Although Kafka confided to Milena about his anxieties, fears, loneliness, it wasn’t all honey and roses; Kafka’s letters revealed the extent of his anguish caused by Milena, the sleepless nights, and the futile situation of their love. Milena haunted his thoughts, but he wasn’t the only one to suffer. In the introduction to letters Williy Haas describes Milena as a caring friend inexhaustible in her kindness and a desire to help. Kafka later writes to her calling her a ‘savior’. Passionate, vivacious and courageous, Milena suffered greatly nonetheless because of him, as Kafka said himself: “Do you know, darling? When you became involved with others you quite possibly stepped down a level or two, but If you become involved with me, you will be throwing yourself into the abyss.” She must have known that herself, and yet she chose to sink because ‘lust for life’ was part of her personality, and pain and rapture go hand in hand. Haas also reminds us that Dostoyevsky was her favourite writer and that we also mustn’t forget the propensity towards pain which is so typical for Slavic women. Slavic soul is a deep and dark place, one you better not wander into out of mere curiosity. It is almost hard to imagine how two such strong, profound, dark souls could even live a simple life together. Their relationship was of a hot-cold character; intense at one moment because their minds were alike, then alienating the other because of the distance. When one side was attached, the other cooled down, and vice versa. When she yearned to see him in Vienna, he was reluctant; when he wanted her to divorce her husband and come live with him, she wasn’t keen to do so.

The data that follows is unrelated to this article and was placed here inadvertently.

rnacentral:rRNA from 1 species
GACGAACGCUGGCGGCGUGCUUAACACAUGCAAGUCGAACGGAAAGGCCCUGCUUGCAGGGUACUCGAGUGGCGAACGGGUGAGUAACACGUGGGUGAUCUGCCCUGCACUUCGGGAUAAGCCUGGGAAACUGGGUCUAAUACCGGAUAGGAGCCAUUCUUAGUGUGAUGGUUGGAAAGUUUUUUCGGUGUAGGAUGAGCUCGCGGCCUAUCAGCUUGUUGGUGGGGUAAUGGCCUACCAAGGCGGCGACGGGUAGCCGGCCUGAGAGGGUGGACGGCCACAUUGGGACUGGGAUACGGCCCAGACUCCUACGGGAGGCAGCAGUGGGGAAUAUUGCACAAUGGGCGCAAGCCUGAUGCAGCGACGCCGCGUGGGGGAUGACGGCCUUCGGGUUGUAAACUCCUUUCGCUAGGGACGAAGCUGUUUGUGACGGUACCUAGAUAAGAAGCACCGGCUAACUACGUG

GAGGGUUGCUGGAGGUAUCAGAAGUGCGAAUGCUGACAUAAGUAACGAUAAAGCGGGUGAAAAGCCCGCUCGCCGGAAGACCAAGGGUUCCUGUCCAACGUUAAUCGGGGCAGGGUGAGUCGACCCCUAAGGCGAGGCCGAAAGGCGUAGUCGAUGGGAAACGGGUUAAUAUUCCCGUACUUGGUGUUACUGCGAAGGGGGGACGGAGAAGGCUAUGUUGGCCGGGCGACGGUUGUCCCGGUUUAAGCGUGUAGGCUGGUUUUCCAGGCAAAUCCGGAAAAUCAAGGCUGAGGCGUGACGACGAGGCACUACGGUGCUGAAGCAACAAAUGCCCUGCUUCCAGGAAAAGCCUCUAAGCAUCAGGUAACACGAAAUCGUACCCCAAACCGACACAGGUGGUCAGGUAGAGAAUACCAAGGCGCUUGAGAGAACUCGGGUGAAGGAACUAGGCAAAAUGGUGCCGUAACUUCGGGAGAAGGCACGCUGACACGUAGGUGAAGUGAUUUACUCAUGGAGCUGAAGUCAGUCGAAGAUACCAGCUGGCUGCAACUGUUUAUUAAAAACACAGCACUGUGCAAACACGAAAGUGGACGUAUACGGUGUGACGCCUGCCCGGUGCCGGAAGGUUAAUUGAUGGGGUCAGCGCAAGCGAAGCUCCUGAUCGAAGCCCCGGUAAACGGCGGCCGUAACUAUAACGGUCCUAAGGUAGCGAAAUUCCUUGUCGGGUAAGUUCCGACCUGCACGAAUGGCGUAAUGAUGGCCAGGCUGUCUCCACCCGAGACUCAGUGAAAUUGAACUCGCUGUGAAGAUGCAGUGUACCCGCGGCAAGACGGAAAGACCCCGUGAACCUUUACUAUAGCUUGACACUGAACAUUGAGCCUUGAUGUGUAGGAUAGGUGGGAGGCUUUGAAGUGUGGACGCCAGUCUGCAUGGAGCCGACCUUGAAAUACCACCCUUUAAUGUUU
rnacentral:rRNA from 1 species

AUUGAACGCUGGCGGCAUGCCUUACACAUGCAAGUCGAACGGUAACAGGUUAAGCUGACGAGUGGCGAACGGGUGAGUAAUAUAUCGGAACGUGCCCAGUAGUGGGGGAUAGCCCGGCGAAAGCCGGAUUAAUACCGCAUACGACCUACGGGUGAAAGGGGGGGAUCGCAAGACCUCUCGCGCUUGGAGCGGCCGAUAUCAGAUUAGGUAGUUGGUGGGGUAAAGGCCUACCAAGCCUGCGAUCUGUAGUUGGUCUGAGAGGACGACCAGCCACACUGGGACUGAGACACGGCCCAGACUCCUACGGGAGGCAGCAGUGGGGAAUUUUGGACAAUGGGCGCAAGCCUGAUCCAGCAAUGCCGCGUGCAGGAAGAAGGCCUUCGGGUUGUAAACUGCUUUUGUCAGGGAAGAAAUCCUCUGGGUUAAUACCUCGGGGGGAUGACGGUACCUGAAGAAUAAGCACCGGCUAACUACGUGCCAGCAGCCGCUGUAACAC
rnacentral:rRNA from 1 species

They were very different in age and personalities but they fit perfectly as two hands when clasped together. No other woman entranced Kafka so much, and despite the abrupt sad end of their passionate correspondence I still think Milena was just what he needed. Here are two quotes which discuss their age difference: “It took some time before I finally understood why your last letter was so cheerful; I constantly forget the fact that you’re so young, maybe not even 25, maybe just 23. I am 37, almost 38, almost older by a whole short generation, almost white-haired from all the old nights and headaches.” He also tells her: “You see, the peaceful letters are the ones that make me happy (understand, Milena, my age, the fact that I am used up, and, above all, my fear, and understand your youth, your vivacity, your courage.